* there is VERY little content with directional bass in the recording
* directionality comes from frequencies above 80 Hz.
* if you're using "Double Bass" any directionality of the bass from the speakers will be overwhelmed by the subs anyway.
If you're really concerned about directional bass, use a lower crossover. Don't give up on Bass Management for the sole purpose of trying to restore bass directionality. That would be a poor trade-off, IMO.

Thank you for the reply! I've read somewhere where someone recommended more LF sources would result in a smoother response. That would include full range main speakers. I think Earl Geddes recommended large speakers as more LF sources in the room equals smoother in-room response. Do you agree/disagree with that?
post #111 of 238
Quote:
Originally Posted by OllieS View Post

Thank you for the reply! I've read somewhere where someone recommended more LF sources would result in a smoother response. That would include full range main speakers. I think Earl Geddes recommended large speakers as more LF sources in the room equals smoother in-room response. Do you agree/disagree with that?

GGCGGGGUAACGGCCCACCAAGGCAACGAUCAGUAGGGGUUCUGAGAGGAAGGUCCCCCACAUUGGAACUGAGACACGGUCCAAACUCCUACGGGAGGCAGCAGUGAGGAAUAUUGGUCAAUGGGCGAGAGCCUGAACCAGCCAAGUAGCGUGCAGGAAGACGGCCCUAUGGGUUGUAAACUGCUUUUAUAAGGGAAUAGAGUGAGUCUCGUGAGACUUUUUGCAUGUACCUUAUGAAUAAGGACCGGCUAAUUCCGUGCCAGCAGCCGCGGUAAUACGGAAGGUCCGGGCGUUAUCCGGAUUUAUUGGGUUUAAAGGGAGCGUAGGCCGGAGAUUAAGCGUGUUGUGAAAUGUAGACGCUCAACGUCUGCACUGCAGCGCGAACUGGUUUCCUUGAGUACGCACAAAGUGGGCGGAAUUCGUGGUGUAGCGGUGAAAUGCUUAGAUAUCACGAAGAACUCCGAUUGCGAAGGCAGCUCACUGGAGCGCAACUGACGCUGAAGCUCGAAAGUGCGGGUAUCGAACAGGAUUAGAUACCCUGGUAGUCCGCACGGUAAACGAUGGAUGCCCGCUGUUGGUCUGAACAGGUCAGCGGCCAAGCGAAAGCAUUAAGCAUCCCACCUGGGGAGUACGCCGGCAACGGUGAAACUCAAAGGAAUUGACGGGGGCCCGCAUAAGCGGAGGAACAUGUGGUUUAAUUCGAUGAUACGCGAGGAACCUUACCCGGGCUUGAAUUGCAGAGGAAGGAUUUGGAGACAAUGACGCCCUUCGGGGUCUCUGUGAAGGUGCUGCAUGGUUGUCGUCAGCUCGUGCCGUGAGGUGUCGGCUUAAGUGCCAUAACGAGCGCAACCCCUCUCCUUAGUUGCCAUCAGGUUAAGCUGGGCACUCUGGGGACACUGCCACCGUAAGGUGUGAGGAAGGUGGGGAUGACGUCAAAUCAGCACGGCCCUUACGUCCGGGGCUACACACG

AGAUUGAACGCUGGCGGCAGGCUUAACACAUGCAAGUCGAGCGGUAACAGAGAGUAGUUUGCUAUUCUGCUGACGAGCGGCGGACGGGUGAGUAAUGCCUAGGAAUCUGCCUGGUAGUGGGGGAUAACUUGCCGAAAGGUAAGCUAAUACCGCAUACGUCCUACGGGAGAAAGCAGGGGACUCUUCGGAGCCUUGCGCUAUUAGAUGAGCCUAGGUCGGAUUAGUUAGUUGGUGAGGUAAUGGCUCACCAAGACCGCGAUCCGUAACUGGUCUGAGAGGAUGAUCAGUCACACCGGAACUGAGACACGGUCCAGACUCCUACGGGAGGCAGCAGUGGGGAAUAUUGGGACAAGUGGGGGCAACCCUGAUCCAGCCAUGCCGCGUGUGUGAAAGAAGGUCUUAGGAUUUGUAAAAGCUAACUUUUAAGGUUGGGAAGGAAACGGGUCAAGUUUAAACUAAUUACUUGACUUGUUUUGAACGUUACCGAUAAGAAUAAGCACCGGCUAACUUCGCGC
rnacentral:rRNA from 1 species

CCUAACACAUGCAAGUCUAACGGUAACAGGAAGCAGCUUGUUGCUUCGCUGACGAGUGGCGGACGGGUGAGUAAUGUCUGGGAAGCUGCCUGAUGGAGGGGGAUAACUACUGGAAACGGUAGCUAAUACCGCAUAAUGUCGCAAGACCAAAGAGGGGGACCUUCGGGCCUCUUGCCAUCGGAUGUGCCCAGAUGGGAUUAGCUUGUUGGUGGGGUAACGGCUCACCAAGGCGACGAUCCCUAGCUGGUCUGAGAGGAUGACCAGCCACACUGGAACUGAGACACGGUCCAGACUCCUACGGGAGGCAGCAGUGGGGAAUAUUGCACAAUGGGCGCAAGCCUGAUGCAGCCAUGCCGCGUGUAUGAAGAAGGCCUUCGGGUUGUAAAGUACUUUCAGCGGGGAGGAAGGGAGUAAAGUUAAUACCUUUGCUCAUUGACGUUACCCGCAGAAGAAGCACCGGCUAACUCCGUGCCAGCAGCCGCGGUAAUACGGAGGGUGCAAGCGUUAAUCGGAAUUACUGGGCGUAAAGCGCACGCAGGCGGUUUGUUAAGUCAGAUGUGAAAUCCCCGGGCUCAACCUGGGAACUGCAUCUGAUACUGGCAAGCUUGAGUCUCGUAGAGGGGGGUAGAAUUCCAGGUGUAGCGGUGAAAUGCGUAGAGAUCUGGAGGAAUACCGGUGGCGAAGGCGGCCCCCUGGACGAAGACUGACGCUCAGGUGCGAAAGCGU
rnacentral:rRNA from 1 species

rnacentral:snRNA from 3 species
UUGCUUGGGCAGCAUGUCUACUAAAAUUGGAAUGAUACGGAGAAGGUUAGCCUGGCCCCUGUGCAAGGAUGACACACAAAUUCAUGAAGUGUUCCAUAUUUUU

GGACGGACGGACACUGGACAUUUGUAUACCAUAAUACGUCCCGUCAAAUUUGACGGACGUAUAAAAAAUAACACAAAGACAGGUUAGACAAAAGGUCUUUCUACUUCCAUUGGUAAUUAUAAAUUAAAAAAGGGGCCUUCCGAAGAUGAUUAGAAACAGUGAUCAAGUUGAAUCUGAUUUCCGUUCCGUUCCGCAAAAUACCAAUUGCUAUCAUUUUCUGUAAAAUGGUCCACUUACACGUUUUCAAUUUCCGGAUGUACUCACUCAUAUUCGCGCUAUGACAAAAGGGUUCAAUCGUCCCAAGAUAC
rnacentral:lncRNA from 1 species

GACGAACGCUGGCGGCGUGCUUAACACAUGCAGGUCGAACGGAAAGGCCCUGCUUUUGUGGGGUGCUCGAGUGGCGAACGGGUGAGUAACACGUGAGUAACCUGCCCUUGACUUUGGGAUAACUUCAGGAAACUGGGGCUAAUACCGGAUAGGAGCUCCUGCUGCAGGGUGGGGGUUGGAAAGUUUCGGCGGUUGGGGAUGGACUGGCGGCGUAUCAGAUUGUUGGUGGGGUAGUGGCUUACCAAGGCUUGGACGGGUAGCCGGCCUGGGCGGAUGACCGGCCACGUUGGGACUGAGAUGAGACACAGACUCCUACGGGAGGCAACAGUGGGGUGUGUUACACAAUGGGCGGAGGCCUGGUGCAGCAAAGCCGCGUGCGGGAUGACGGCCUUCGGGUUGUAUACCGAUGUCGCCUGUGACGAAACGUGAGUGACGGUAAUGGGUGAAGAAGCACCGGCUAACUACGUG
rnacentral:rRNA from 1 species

In general, I completely agree that more sources of bass will result in smoother bass response throughout the room. However, I feel it is better to do that with multiple distributed, identical subwoofers, all receiving the same signal. Trying to do it with speakers and subwoofers, all of which have different output capabilities and LF roll-offs is far more difficult to optimize, and there are more compromises involved. If one is just setting up a system that is used for music reproduction, and deep LF/infrasonic response is not a goal of the system, Earl Geddes techniques are probably fine. However, if high output and deep extension are the goals, there is no replacement for multiple identical, distributed subs used with Bass Management.

Craig
post #112 of 238
Quote:
Originally Posted by craig john View Post

That assumes the speaker manufacturer has "rated" the speaker at an SPL that is similar to the SPL you'll use with the speaker in question. Most speaker manufacturers measure and rate their speakers at 85 dB for the frequency response measurement. The -3 dB point will be different at 105 dB than it will at 85 dB. Therefore, if the user wishes to use their system at 105 dB, (full Reference Level), it is probably better to set the crossover a full octave above the manufacturer's specified -3 dB point. IMO.